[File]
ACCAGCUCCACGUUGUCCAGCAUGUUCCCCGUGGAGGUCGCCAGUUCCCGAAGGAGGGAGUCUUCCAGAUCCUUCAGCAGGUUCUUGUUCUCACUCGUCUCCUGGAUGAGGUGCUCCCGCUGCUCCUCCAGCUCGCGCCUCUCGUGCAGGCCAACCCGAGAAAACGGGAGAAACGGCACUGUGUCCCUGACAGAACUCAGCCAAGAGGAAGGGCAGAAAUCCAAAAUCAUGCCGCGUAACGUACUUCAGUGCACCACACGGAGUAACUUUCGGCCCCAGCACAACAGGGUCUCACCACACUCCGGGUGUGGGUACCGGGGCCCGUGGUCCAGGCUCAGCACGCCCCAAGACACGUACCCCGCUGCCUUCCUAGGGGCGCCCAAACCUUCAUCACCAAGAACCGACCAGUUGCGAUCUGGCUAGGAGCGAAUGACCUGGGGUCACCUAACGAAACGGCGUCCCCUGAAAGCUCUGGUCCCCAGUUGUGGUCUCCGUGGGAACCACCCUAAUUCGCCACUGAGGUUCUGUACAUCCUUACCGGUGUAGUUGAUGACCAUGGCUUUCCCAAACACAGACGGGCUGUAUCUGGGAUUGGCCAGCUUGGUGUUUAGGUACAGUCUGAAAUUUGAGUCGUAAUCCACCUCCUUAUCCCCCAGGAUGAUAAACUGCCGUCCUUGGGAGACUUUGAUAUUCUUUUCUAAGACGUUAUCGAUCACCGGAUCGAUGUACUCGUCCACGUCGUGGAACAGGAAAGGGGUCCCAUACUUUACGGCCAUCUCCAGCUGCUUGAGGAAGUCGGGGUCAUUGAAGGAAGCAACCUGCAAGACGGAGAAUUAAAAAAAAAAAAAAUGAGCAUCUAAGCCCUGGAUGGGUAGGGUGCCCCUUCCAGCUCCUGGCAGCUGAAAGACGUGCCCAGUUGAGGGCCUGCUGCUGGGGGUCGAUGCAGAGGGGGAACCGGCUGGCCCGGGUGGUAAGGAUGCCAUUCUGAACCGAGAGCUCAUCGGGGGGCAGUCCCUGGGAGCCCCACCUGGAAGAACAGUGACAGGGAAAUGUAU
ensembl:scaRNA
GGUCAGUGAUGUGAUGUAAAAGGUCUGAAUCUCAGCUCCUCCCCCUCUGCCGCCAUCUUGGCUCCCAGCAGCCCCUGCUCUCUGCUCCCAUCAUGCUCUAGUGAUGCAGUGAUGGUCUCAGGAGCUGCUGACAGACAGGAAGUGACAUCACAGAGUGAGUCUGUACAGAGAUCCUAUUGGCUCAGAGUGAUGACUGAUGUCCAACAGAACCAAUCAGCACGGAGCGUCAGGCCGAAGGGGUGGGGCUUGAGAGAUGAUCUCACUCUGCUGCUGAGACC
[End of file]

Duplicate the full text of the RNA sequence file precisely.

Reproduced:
ACCAGCUCCACGUUGUCCAGCAUGUUCCCCGUGGAGGUCGCCAGUUCCCGAAGGAGGGAGUCUUCCAGAUCCUUCAGCAGGUUCUUGUUCUCACUCGUCUCCUGGAUGAGGUGCUCCCGCUGCUCCUCCAGCUCGCGCCUCUCGUGCAGGCCAACCCGAGAAAACGGGAGAAACGGCACUGUGUCCCUGACAGAACUCAGCCAAGAGGAAGGGCAGAAAUCCAAAAUCAUGCCGCGUAACGUACUUCAGUGCACCACACGGAGUAACUUUCGGCCCCAGCACAACAGGGUCUCACCACACUCCGGGUGUGGGUACCGGGGCCCGUGGUCCAGGCUCAGCACGCCCCAAGACACGUACCCCGCUGCCUUCCUAGGGGCGCCCAAACCUUCAUCACCAAGAACCGACCAGUUGCGAUCUGGCUAGGAGCGAAUGACCUGGGGUCACCUAACGAAACGGCGUCCCCUGAAAGCUCUGGUCCCCAGUUGUGGUCUCCGUGGGAACCACCCUAAUUCGCCACUGAGGUUCUGUACAUCCUUACCGGUGUAGUUGAUGACCAUGGCUUUCCCAAACACAGACGGGCUGUAUCUGGGAUUGGCCAGCUUGGUGUUUAGGUACAGUCUGAAAUUUGAGUCGUAAUCCACCUCCUUAUCCCCCAGGAUGAUAAACUGCCGUCCUUGGGAGACUUUGAUAUUCUUUUCUAAGACGUUAUCGAUCACCGGAUCGAUGUACUCGUCCACGUCGUGGAACAGGAAAGGGGUCCCAUACUUUACGGCCAUCUCCAGCUGCUUGAGGAAGUCGGGGUCAUUGAAGGAAGCAACCUGCAAGACGGAGAAUUAAAAAAAAAAAAAAUGAGCAUCUAAGCCCUGGAUGGGUAGGGUGCCCCUUCCAGCUCCUGGCAGCUGAAAGACGUGCCCAGUUGAGGGCCUGCUGCUGGGGGUCGAUGCAGAGGGGGAACCGGCUGGCCCGGGUGGUAAGGAUGCCAUUCUGAACCGAGAGCUCAUCGGGGGGCAGUCCCUGGGAGCCCCACCUGGAAGAACAGUGACAGGGAAAUGUAU
ensembl:scaRNA
GGUCAGUGAUGUGAUGUAAAAGGUCUGAAUCUCAGCUCCUCCCCCUCUGCCGCCAUCUUGGCUCCCAGCAGCCCCUGCUCUCUGCUCCCAUCAUGCUCUAGUGAUGCAGUGAUGGUCUCAGGAGCUGCUGACAGACAGGAAGUGACAUCACAGAGUGAGUCUGUACAGAGAUCCUAUUGGCUCAGAGUGAUGACUGAUGUCCAACAGAACCAAUCAGCACGGAGCGUCAGGCCGAAGGGGUGGGGCUUGAGAGAUGAUCUCACUCUGCUGCUGAGACC